'Well, well, well, surprise, surprise. ' Dr Liam Fox, the Tory health spokesman and George W Bush lookalike, spoke for the nation when he responded to Alan Milburn's announcement of 29 new hospital building projects in tones of not-so-gentle irony.

Except, in fact, he didn't speak for the nation. As you know, the£3. 1bn worth of projects (almost doubling the 38 costing£4bn already announced since 1997) are mostly being funded under the private finance initiative and are therefore rather more expensive to the NHS than old-fashioned Treasury boodle would have cost.

Yet most MPs, Tory, Lib Dem and even usually grumpy Ulster Unionists, as well as Labour loyalists (disloyalists too), all embraced the news as if Christmas had come early. 'I take the secretary of state's statement at face value, ' declared NHS Tory Nicholas Winterton.

In short, there wasn't much support for Dr Fox's denunciation of a headline-grabbing 'sham' when Mr Milburn reported to the Commons. It enabled the minister to remind MPs that a Hague government wouldn't be able to find the money for hospitals and tax cuts - and that Dr Fox's own Woodspring constituency would also benefit from beefedup provision for Bristol's chronic mental healthcare (Mr Winterton had expressed concern for the Cinderella service).

But surely Dr Fox is right to be sceptical, even if his focus was a bit woozy. Minister Milburn is expecting an election shortly (any takers for 5 April? ), as was underlined by his subsequent speech to Labour's spring conference in Glasgow. . . New targets for cutting infant mortality in the poorest families (shamefully worse than for most of us), new devolved powers for ward sisters, new powers for managers to pay bonuses to their best staff.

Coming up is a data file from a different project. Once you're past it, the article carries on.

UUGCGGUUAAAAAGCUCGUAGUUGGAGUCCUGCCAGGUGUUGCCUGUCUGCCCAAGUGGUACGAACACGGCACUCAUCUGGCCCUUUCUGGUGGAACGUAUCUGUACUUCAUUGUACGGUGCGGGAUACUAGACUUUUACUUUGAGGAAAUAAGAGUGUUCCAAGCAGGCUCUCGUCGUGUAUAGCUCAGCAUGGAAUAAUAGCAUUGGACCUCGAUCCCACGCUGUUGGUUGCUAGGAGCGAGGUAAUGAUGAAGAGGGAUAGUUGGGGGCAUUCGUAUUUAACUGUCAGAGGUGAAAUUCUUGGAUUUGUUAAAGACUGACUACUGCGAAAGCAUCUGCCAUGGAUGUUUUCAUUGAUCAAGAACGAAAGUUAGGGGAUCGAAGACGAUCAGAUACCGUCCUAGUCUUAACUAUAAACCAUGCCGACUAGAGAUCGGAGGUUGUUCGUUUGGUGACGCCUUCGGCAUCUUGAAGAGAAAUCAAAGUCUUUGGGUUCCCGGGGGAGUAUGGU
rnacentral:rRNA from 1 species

All good stuff. But these are pre-election feel-good policies which will come into effect after the election, not until 2006 at the earliest in the case of the new PFI hospitals. And folk are entitled to ask, as HSJ's editorial did last week, where all the money is coming from at a time when expectations are being raised almost as fast as costly initiatives.

Talk to anyone about costs these days and It is not the capital cost, but the running costs which cripple. 'Even if we install CCTV cameras, the police can't monitor them, ' my much-robbed local sub-postmaster tells me.

Mr Milburn's statement reversed the bedclosure trend, recently reinforced by PFI accountancy. It also promoted fast-track specialist units, for non-urgent ops only, like the one at the Central Middlesex Hospital which Tony Blair blessed with a personal visit.

Mr Milburn did not sidestep all the Foxy questions ('we shot his fox', he quipped). He confirmed that PFI contracts will be between 15 and 30 years, that£300m has been set aside to staff the stand-alone units, that the NHS will have the option to buy PFI hospitals postcontract and that - sorry, Liam - none so far are behind schedule.

I happen to know that Mr Blair is very keen on this sort of perspective and likes to contrast new PFI hospitals coming on stream with the cost overruns and delays of, say, the Jubilee line extension to Canary Wharf, a nightmare compared with the privately built Docklands Light Railway in the same area.

There is no point in reminding Mr Blair that it is the private sector that has botched the Channel Tunnel, not to mention the highspeed link to London. He's in love with private sector finance, which is why John Prescott's equivalent, the public-private partnership, is set to botch the rebuilding of the Tube unless he can be rescued by Bob Kiley, Ken Livingstone's super-smart American import.

As the man who rescued both the New York and Boston Undergrounds (both as old and clapped out as a Victorian hospital), Mr Kiley is as smart a public servant as I have met in years. He is sceptical of private sector claims and of PFI and its cost overruns which are always picked up by the taxpayer in the end because you can't let the Underground (or the NHS) go bust.

By the way, the one Foxy question Minister Milburn did duck was the rate of return on PFI contracts, 11. 2 to 18. 5 per cent of construction costs, I am told, compared with 6 per cent on Treasury-funded schemes. The difference represents an awful lot of nurses.